John Pope, a Department of Health (DH) policy adviser, said the challenge ahead for general practice and community services is to improve care, provide a better patient experience and greater value for money.
“The reforms will centre around these issues. Everything so far has focused on the acute sector. Until now, we have believed the NHS was all about hospitals, but we now know it happens in GP surgeries and community services, and that side of the business hasn’t yet had that focus.”
John Pope said community services are now a growth business, and new models are being suggested for providing directly managed services. A current pet project of the DH is Community Foundation Trusts.
Mr Pope explained that these organisations would provide community services currently run by PCTs, and that the foundation trust business model would allow them to compete with other entrants to the market. They could commission more diverse providers, and would have greater freedom to innovate and improve services, and to organise care around patients. They would benefit from greater financial freedom, but would have stronger governance and would be accountable to the local community.
The DH is currently working with seven PCTs interested in this model of care, and the new trusts could be up and running by 2009.
Mr Pope said the DH is also keen for more social enterprise organisations to provide healthcare. A fund of £73m has been set up, and 26 “pathfinders” have been appointed. Social enterprises have primarily social objectives, with any surpluses they make reinvested into the business, he explained.

Meeting the 18-week waiting target
Tim Evans, chief executive of Bolton PCT, outlined their work to meet the 18-week waiting target. He said they are using PbC and payment by results as tools, and are refocusing services into primary care and increasing one-stop clinics.
GPs are encouraged to propose ways
of increasing the supply of services through PbC, and to use the Quality and Outcomes Framework (QOF) to reduce demand by addressing health problems before they become acute.
The PCT is employing 25 active case managers to prevent admissions to hospital, and has established a community unit alongside their accident and emergency department to reduce demand for urgent care. Other health prevention measures include health promotion and the use of health trainers based in 15 GP practices to encourage people to change their lifestyles. They are also actively tackling childhood obesity, smoking and
alcohol problems.
Bolton PCT is set to become an early achiever on the 18-week target, having established a referral management scheme – an Integrated Clinical Assessment and Treatment Service (ICATS). Patients who need surgery, but do not require urgent treatment, are no longer referred by their GPs directly to secondary care, but to a one-stop-shop team of health service professionals for assessment and diagnostic tests. They may be referred on to secondary care or to alternative treatment provided in the community.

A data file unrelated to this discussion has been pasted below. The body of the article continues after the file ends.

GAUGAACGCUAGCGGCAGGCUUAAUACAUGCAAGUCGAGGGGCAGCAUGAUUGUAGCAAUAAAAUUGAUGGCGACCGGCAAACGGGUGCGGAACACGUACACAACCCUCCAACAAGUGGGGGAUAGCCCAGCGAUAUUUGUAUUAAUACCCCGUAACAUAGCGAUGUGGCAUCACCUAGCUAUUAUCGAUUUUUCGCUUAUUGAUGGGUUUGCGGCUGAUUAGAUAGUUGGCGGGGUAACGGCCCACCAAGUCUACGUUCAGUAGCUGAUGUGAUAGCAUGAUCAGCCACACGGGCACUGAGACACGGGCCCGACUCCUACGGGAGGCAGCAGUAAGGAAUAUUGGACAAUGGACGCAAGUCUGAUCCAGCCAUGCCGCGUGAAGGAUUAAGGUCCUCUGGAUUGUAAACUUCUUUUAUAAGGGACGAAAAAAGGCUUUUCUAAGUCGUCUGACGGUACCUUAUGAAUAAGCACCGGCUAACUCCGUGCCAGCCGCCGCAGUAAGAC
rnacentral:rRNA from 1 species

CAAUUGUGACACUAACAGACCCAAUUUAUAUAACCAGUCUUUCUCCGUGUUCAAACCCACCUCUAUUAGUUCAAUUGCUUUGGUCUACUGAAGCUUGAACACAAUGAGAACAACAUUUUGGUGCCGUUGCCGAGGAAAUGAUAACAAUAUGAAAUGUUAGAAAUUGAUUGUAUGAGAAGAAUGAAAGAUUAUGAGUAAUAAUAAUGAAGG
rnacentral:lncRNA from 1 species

Orthopaedic surgeon and ICATS lead Andy Maskell said the new service is a radical change. Patients arrive in secondary care “all worked up” and ready for their operation within 18 weeks. The service is popular with patients because it cuts down the number of visits they make to hospital, and they can be seen at an accessible building in Bolton town centre.
They are now able to offer more diagnostic facilities and intermediate treatments, such as rheumatology in primary care, preventing some admissions to hospital, and those who needed hospital treatment are much better prepared for their treatment.
“The Clinical Assessment and Treatment Service is one of the most radical tools in our armoury. We are trying to deliver a patient-focused service of excellence, and we are already achieving 18-week waits for more than half (52%) of our patients,” he said.

To the future
The conference provided only a taster of the reforms that practice managers will be involved in over the next few years. But one thing that was made clear is that they can expect to be dealing with a tough new breed of PCT managers in the future.
Conference chair Mike Farrar said the future of PCTs was absolutely critical, and there are many ways in which PCTs would now be expected to step up and work differently.
He warned: “The future of PCTs will be determined by the extent to which people in them are ambitious for their futures.”

The conference, The Future of Primary Care Trusts, was held in Manchester in July.